Many of the world's most challenging environmental problems, such as biosecurity, climate change and water scarcity, are trans-boundary in nature and require cooperation of diverse actors. The degradation of rural land is one such problem. This thesis aims to explain the reasons why rural landholders and government agencies do or do not participate in environmental, collective action problems. It does this by asking two questions: can study of a wide range of social relations explain the achievement of collective action in a real-world setting? And, are trust, power and their nexus useful concepts for explaining the nature of those social relations? The empirical example used in this thesis is serrated tussock (Nassella trichotoma), a highly invasive, noxious weed that covers more than two million hectares in south-eastern Australia. Semi-structured interviews, participant observation and newspaper analysis were used to explore the relations among the suite of actors responsible for controlling this weed in two case studies”Cooma, NSW and Bacchus Marsh, Victoria.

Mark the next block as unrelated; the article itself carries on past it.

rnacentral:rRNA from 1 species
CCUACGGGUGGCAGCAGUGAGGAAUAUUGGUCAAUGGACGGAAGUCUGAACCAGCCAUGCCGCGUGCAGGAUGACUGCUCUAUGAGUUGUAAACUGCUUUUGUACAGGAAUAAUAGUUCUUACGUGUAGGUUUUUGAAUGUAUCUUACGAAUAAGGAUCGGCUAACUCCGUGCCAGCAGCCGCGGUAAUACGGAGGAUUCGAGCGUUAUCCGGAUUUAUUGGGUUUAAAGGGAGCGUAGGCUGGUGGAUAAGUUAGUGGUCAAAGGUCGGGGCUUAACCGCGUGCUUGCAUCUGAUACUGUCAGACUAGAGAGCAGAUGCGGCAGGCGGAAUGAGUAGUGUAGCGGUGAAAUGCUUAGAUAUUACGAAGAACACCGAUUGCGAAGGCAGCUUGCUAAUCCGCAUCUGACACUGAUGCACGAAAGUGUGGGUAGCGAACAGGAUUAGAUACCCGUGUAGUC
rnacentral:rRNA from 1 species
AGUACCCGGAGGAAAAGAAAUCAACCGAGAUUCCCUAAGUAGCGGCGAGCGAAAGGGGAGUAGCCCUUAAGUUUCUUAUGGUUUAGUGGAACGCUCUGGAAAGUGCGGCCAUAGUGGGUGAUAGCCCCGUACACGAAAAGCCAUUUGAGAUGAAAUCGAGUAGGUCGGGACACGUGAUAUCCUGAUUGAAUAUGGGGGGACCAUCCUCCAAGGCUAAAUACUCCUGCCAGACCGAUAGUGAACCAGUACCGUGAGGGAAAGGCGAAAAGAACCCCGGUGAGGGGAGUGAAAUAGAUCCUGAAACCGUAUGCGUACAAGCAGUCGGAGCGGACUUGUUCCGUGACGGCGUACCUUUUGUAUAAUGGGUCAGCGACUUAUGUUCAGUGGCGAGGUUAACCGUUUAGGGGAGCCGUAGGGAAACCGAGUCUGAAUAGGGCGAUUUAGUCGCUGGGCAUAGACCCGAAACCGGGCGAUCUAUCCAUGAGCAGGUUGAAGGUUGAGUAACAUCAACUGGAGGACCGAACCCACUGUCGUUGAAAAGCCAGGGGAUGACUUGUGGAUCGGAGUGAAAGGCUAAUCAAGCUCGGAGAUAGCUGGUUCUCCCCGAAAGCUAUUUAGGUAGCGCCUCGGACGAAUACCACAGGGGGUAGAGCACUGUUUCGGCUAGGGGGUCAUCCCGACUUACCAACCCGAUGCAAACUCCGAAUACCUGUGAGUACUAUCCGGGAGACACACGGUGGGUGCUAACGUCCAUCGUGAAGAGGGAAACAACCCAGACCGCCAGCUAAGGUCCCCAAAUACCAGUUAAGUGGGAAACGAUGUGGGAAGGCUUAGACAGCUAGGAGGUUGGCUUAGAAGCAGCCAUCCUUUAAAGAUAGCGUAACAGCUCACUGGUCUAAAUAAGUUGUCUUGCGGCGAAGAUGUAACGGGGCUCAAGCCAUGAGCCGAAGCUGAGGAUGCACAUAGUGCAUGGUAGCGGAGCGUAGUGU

|Qualification||Doctor of Philosophy|
|Place of Publication||Australia|
|Publication status||Published - 2011|